3 ways to build a company culture that's responsive to society-shaking events - Technical.ly Baltimore

Company Culture

3 ways to build a company culture that’s responsive to society-shaking events

The Baltimore software agency had key components in place for dialogue when the Chauvin verdict was read. Senior Manager for People Development Stephanie Baggage talks about how that's evolved over the last year.

Stephanie Baggage.

(Courtesy photo)

A year of pandemic, protests, election and insurrection has meant work and society-shaking events have run headlong into each other.

Last week’s guilty verdict for former police officer Derek Chauvin in the murder of George Floyd was another such moment when life seemed to stop for a moment as the nation tuned in to find out the results — at a time when many were in the midst of wrapping their workday. The decision did not result in mass protests, but it will still affect employees differently.

At companies that have responded to each of these moments, it pointed at an evolution in how leadership grapples with such events that are having a big impact on employees. That was the case at downtown Baltimore-based digital services agency Fearless, where the last year has shown the importance of strong values, and how they play out.

“If you have a good foundation, then you can build from there regardless of what comes at you,” said Stephanie Baggage, senior manager for people development.

Here are a few takeaways from a conversation with Baggage on how that’s played out:

Open dialogue

In legal terms, last week’s verdict brought the end of a case that the nation watched closely since last May. So it wasn’t the first time that companies confronted the case and what it could mean. In June 2020, as protests following Floyd’s death reached their height, Fearless held a company town hall.

Baggage said last week’s close of the trial offered a moment that reflected how a lot of what the company was doing on culture was already in place. As the verdict was read, Fearless’ Black employees group happened to be holding its regularly scheduled meeting, so the group took the time to discuss the verdict and the work that still needs to be done before more open-ended conversation. Earlier in the day, a team member had already posted on that channel to check in with everyone.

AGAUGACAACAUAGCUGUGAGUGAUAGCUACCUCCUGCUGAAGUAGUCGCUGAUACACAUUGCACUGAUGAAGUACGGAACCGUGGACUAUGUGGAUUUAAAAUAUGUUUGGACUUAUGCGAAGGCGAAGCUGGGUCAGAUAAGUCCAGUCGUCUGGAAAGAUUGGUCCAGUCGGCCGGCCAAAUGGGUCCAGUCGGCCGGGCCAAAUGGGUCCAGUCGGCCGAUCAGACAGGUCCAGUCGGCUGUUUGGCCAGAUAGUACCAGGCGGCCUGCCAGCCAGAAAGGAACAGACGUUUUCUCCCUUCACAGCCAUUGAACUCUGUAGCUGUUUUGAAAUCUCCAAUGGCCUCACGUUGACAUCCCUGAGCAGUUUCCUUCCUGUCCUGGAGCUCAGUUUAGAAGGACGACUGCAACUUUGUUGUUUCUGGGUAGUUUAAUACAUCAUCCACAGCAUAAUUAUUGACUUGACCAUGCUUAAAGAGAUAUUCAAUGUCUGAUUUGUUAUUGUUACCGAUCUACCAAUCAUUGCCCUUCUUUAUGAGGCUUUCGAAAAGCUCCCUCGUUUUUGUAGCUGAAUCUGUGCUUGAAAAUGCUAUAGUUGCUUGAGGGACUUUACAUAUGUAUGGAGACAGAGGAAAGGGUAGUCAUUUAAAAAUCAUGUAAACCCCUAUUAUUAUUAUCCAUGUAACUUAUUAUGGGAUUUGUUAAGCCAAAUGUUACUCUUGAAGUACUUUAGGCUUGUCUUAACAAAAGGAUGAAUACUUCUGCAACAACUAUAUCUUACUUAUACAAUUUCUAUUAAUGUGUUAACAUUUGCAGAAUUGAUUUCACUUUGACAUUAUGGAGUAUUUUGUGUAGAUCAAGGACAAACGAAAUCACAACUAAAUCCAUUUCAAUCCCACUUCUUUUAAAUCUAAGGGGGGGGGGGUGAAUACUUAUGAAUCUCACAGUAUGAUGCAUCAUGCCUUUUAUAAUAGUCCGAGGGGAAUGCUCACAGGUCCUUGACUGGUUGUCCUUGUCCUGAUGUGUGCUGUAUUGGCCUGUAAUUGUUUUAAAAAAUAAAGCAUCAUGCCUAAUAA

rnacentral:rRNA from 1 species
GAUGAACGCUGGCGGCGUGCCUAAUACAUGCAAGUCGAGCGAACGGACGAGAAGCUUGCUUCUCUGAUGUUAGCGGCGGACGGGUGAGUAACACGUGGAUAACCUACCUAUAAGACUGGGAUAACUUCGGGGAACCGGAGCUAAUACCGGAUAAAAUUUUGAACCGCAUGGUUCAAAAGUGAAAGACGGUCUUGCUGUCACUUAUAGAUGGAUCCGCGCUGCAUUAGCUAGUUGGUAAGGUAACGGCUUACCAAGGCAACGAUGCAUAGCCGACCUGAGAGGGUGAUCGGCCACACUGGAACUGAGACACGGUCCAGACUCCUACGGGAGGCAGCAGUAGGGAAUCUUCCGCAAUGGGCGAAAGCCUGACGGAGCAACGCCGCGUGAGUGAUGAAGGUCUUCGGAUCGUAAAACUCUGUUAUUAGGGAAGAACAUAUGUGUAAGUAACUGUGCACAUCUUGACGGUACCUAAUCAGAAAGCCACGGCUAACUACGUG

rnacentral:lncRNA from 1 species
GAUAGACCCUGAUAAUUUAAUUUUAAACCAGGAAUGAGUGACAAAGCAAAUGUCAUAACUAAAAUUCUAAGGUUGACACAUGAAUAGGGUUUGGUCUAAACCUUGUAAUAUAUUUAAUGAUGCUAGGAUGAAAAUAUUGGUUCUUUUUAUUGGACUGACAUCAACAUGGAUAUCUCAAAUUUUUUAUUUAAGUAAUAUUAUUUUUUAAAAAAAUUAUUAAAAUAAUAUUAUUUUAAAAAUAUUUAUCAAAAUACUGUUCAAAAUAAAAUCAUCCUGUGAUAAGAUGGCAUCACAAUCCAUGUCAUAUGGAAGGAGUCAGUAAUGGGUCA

“We have a company culture where people check on each other in general,” said Baggage.

Fearless’ team at offices inside Spark Baltimore in 2019. (Courtesy photo)

On Slack, Fearless has a channel called “water cooler” that was already set up, as well. If there was enough activity there that a company meeting was worth having, leaders would’ve moved quickly to set it up, Baggage said.

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“Every step of the way we’re looking at how does our company evolve as a result of the events and how do we create a safe space for employees who do feel overwhelmed today to step away and take a beat,” Baggage said. “That’s just a part of culture.”

Passion coaches

Over the last few years, Fearless has rolled out the position of passion coaches. These are leaders within the organization who work with teams in a certain area of expertise. It’s a role that has technical aspects, but it’s also tied to the people on the team.

During the pandemic and protests in 2020, that work evolved naturally to even more of a people-centered role in which passion coaches checked in and messaged out. Alongside the work of how to do the job, they became conduits for the company’s culture. Passion coaches are now the “champions” inside the organization of creating safe spaces for conversation, and keeping open dialogue, Baggage said.

Mental health

When it comes to that person-centered work of passion coaches, much of it comes back to mental health, Baggage said. It’s necessary to take a “360” approach to understand what’s happening in a team member’s life. It has become more evident over the last year that work and life are intertwined, so awareness among leadership of how that plays out for an employee can help the company know which tools to deploy to best support them.

That could include a difficult conversation about racism and xenophobia, and creating space for conversation. It goes beyond the moment, as well, to considering how different employees may need different forms of support. And at the end of the day, considering how a person is being affected by events is part of managing.

Companies: Fearless
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